Over the summer I have been working towards my final postgraduate exhibition, as it opens next week I thought it was a good time to (attempt) to write up what I’ve been up to.
Since first working getting to grips with the open source prototyping platform Arduino in 2013, when making an interactive audio screenprint. I’ve been interested in combining emerging open source technology with tradtional artistic media.
In Gas 2013 (above) technology was applied to an image created by hand to make it interactive, I became interested to see how this technology could be incorporated into the making of the image itself. It was about this time that I became interested in the open-source and maker movements, I liked to democratic, collaborative values at their core. I also saw their ‘hacking’ and repurposing as a subversive yet positive way of combatting the incredible wasteful nature of the cycle of upgrading and disposing we seem to be locked into with modern technology. A product of structured obsolesce and our closed-source system I increasingly see the rate of technological progress as being set by market forces as opposed to actual technological discovery. (I recommend Maciej Cegłowski’s piece on the future of the web on the nature of technological progress).
I decided I wanted to make a machine that could ‘draw’ in the physical sense, it would create a physical, analogue image based on digital data that I gave it. About 30 seconds of googling showed me I wasn’t the only one, and there was already an online community of people making and sharing images created by their ‘drawbots‘. After studying a number of Instructables I made a number of prototypes, which seemed as good excuse as any to raid me and my brothers boyhood lego stash. As you can see the initial attempts were pretty crude and could only really mange basic shapes and patterns.
The next design I decided to try was a hanging pen type plot called Polargraph, after seeing Sandy Noble’s excellent instrucable, seriously, check it out. Based on a draw bot called Hektor (2002) byJürg Lehni & Uli Franke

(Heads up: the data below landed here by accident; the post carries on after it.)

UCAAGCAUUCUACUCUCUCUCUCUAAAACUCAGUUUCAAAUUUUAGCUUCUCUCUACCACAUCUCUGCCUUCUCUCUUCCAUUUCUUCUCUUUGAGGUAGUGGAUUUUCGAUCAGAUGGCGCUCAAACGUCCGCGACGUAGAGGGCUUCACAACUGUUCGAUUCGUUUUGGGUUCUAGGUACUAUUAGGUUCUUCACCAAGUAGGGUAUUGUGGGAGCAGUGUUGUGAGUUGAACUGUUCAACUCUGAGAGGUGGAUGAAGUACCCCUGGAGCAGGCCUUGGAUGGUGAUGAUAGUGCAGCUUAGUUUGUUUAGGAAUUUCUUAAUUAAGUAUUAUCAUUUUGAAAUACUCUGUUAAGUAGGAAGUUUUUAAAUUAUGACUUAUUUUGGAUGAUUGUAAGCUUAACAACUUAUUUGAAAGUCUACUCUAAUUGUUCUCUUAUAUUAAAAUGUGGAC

2002 (below), a polargraph consists of a pen suspended between 2 stepper motors run from an Arduino and motorshield.
Despite its rather basic appearance it’s an incredibly versatile drawing machine, not least thanks to the open-source controller designed by Sandy in Processing (a java based programming language designed for artists and designers, more about that in part 2). Once I had it up and running I started putting it through its paces:
Once I had got the hang of it I decided to see how it coped with some some iconic works of art:
I was really excited with the results, I loved how it combined the serendipity of the physical drawing materials with the precision and repetition of their mechanical means of production. Things like tone and quality of line take on a different significance when they are products of mechanical reproduction. It made me question the emotive value we attribute these qualities.
I knew I wanted to explore the relationship between the emotive power of a drawing and its mechanical means of production further. I decided I would try to create physical analogue drawings of digital data. To do this I would need to learn a heck of a lot more about coding and data visualisation, something I will explore in part 2.
Here’s a video of my polar-graph in action:
This is the first part of a 3 part post on this project, read the other posts here: